Friday, March 13, 2009


According to the OED online, one of the earliest appearances of "snore" and/or "snoring" in print occurred in 1140, but an arguably more entertaining quotation comes from the 18th century and essayist Richard Steele:

1710 STEELE Tatler No. 208 6 We have a Member of our Club, that when Sir Jeffery falls asleep, wakens him with Snoring.

The etymological trail of "snore" also runs through such variations as "snork" and "snort." There's just too much to like about those two words.


A motorcycle gaggle guns its snarlers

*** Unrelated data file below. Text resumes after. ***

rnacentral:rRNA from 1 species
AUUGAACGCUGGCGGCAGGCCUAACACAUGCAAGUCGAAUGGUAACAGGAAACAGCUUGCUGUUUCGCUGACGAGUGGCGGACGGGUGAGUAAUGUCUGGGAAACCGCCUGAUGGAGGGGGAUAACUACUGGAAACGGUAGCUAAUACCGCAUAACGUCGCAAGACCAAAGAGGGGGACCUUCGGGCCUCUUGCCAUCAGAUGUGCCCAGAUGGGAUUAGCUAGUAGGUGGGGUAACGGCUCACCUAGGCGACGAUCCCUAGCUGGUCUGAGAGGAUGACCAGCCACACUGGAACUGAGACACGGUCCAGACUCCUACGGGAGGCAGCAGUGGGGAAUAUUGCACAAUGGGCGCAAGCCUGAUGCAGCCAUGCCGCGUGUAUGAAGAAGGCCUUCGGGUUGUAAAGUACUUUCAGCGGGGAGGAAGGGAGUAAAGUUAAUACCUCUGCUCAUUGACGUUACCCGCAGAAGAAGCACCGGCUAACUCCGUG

into Larynx Tunnel. Then a nearby sea

seems to sigh. The engines rumble once

again. The process repeats itself in a crude

rhythm as the one lying next to you or

the you who listens to you subconsciously

waits for a crescendo to seize the terrible

song. Whoever is listening waits for a gulp,

a swallow, a sigh--a break of some kind

that will invite soft silence to settle

like a dew on the slumbering cacaphonic

heap of prostrate weariness. How

can tired be so loud?


Copyright 2009 Hans Ostrom

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